Sunday, June 24, 2007

George Carlin: Life is Worth Losing: Grade C


George Carlin: Life is Worth Losing (2005)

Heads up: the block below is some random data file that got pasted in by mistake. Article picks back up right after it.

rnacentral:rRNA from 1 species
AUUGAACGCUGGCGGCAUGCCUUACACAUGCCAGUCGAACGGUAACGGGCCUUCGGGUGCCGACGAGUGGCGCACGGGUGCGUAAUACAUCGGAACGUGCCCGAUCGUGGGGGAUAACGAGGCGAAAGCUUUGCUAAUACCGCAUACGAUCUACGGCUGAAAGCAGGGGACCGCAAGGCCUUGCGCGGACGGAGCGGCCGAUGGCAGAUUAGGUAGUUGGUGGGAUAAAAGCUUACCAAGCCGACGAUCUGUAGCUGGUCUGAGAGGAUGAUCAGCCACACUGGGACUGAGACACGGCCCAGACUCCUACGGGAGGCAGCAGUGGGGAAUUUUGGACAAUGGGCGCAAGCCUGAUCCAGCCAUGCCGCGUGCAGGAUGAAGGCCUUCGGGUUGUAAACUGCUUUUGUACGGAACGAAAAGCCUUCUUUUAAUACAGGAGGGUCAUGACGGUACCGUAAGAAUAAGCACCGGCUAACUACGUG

Carlin is a modern master and I am a long time fan. But in this, his 13th HBO stand-up, he fulminates unrelentingly against people and life with little leavening from irony or nonsequitur. He wants to start a live suicide show on cable to demonstrate how stupid people are. He dwells on the details of autoerotic asphyxia. He describes an apocalyptic world of fire, flood and total destruction. The material is imaginative, poetically written, and energetically delivered, but is it funny? There are some funny ideas sandwiched into this breathless, high-speed recital, but for the most part, it comes across as the ravings of an old geezer. Standout material is his well-known introductory poem: “…I've been inputted and outsourced. I know the upside of downsizing I know the downside of upgrading. I'm a high tech low-life. A cutting-edge, state-of-the-art, bi-coastal multitasker and I can give you a gigabyte in a nanosecond. I'm new wave but I'm old school and my inner child is outward bound…” It’s a marvelous piece that will go down in comic history. He also makes some acerbic remarks about American politics and culture that really bite, but these are brief. “It's called the American Dream. Because you have to be asleep to believe it.” The rest is just ranting. His language is as Carlin-esque as ever and that’s an enjoyable art form in its own right, but where is the guy who used to take the little sewing kit in the hotel room and sew buttons onto the lampshades "just to leave a mark?” An artist has a right to change to a new mode, but I miss his sublime silliness.

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